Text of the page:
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Discrete Trial Instruction | ABA | Dr. Vincent Carbone


Discrete trial instruction is an important method for
teaching children with autism. There are many studies documenting the benefits
of this method. This method generally includes a teacher sitting with a student, with a learner – a child
with autism. The teacher has materials and information they will like to provide to the student. The student
usually sits across the table. The teachers presents the instructional material, and when children are not able
to or have not yet learned to respond to the material, the teacher will prompt the response and help the child
to learn the skill. It has been found to be a very important method for teaching children with autism and
overcoming some of the symptoms and learning difficulties of children with autism. There have been a number of ways
of conducting discrete trial instruction sessions. What I would like to now is show you a video and talk to you
about a method of discrete trial instruction that we have found to be the most effective, and embedded in this
video as well as the methodology, I will discuss with you why we are teaching in the manner in which we are teaching
this individual child. So let us now take a look at this video. Let us now take a look at a video of discrete trial
instruction were the methodology includes a number of strategies that have been demonstrated to be effective
with children with autism, to reduce problem behavior during high demand situations. This is a video of a
learner with autism, a six-year old girl by the name of Sylvia, and her teacher Leanne. This was video taped in the
Carbone Clinic in New York. Sylvia is a learner with autism who will not benefit from everyday life experiences
as it relates to acquiring language and other cognitive skills. So discrete trial instruction is a method that is
used to directly teach the type of skills that typical children might learn. As you can see, Leanne has a set of
materials in front of her and she is systematically presenting these materials, and Sylvia is expected to respond. She
is also using a token board as you can see and she is ticking off the tokens that act as rewards for Sylvia which
can then be exchanged for an activity after she has completed all of her work and has achieved and attained
about 40 or so tokens. Leanne has some materials in front of her, some of those are new targets, skills she
is working on, and a lot of it is in fact mastered skills. So lets now describe what it is Leanne is doing. The
purpose of Leanne’s procedures is to reduce problem behavior, which is a big problem during discrete trial
instruction. When you ask children with autism to sit and attend to tasks they frequently engage in disruptive,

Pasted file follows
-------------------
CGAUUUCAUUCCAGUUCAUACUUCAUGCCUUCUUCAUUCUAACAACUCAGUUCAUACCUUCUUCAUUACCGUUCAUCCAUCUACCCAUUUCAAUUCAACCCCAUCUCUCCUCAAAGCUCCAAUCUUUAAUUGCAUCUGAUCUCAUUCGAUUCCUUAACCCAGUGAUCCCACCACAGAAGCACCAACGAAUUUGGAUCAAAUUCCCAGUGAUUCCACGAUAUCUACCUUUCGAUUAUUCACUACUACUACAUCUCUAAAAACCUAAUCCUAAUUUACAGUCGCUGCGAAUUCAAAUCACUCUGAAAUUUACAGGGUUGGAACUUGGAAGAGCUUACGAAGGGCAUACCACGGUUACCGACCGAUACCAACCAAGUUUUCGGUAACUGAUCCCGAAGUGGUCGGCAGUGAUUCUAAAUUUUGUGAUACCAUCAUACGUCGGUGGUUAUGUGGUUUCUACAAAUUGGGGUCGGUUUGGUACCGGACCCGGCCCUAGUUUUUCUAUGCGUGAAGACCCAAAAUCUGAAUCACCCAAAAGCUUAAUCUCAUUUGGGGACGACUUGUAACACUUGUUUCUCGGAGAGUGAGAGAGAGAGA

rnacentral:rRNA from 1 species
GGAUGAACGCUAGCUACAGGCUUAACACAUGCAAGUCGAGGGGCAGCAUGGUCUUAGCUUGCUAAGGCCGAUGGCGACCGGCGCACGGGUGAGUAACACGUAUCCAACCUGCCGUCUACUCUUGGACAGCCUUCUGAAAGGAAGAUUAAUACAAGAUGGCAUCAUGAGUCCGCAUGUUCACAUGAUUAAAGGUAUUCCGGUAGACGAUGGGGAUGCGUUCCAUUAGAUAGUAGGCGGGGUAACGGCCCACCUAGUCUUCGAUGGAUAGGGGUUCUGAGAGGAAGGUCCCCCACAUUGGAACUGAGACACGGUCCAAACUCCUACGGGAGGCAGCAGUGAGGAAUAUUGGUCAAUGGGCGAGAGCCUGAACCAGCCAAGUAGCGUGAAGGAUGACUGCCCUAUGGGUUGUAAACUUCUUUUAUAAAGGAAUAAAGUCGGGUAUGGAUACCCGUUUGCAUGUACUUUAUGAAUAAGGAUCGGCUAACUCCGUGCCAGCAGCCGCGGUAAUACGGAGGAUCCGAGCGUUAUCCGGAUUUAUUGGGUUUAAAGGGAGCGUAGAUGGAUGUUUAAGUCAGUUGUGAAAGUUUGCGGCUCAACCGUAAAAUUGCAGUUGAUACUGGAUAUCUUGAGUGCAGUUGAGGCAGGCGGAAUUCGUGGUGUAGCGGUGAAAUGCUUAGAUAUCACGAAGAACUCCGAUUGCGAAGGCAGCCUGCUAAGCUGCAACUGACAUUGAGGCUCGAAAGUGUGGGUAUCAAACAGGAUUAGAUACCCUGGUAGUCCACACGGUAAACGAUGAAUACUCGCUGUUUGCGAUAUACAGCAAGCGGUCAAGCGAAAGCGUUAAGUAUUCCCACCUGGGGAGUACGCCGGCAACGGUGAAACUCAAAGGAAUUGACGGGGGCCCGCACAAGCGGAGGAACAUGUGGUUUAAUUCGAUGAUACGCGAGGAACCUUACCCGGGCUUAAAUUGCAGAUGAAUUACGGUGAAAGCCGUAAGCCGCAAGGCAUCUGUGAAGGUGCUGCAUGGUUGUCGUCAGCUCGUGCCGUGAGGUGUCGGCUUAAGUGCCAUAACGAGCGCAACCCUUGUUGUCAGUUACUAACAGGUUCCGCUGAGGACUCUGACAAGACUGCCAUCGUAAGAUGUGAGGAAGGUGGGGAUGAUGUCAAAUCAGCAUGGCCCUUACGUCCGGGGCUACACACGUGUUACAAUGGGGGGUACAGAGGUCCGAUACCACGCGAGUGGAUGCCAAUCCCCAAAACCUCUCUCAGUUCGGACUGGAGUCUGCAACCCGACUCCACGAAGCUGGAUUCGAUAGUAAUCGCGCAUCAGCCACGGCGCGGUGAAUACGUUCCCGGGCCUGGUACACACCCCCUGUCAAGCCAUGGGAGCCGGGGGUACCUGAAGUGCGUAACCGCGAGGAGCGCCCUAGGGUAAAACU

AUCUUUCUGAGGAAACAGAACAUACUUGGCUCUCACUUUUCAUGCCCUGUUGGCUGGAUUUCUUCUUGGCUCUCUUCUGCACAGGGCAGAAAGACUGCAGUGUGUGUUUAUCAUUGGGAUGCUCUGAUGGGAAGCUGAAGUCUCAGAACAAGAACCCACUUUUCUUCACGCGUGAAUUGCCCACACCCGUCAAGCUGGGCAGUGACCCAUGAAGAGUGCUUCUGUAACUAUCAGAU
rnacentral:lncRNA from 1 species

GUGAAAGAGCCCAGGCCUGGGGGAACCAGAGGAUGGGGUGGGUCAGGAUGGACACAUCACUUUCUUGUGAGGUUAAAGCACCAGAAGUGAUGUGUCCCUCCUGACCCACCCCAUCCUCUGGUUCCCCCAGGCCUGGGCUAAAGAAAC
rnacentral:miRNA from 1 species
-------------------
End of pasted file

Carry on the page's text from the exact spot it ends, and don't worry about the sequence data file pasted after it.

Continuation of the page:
escape and avoidance behavior. As a result of that Leanne is teaching in a very specific sort of way based
upon a set of methods that have been shown to be effective to reduce problem behavior. One of the first
things you probably notice is the pace of instruction. You notice how quickly Leanne is presenting
instructional demands to Sylvia. But notice, Sylvia is not frustrated in any way, not bothered by it, not
distressed by it, but just continues to respond. We have found that children actually prefer to be
presented materials in a fast pace sort of way. In fact, Carole A. Roxburgh and I published a paper
a couple of years ago, actually in 2012, in the Journal of Behavior Modification, a psychological
journal, a peer reviewed scientific journal, in the United States, that basically showed that you
actually achieve less problem behavior the faster you presented the demands. So presenting demands
at about one second, with a one-second interval or what is called an “intertrial interval” seems to be most
effective for many children. Of course, the pace should be adjusted to the individual child. In addition, Leanne is only presenting a few target
skills to many mastered skills. And the reason for that is that the interspersal of
easy demands along with only a few difficult demands seems to reduce problem behavior
pretty effectively. It is called “interspersal training”. In addition she is mixing all the skills together. One
time she teaches a label, then she will teach motor imitation, then she will teach a listener response – this
is referred to as “mixing and varying” – it has also been shown to reduce problem behavior. In addition,
whenever she presents a target, an unknown skill, she will immediately prompt a response. That is
called “errorless teaching”, making it impossible for Sylvia to be incorrect or greatly reducing the
probability that she would be incorrect. In fact, reducing learner errors also reduces problem
behavior. So these are some of the methods being presented here during discrete trial instruction. It might
not look exactly like what you might see other people presenting in a very slow and deliberate way, but the
methods here are specifically designed to reduce problem behavior, and make it less likely that we have problem
behavior and more cooperation. And here at the end is Sylvia receiving her back-up reinforcer and now she
will enjoy that for a few minutes and then go right back to teaching.

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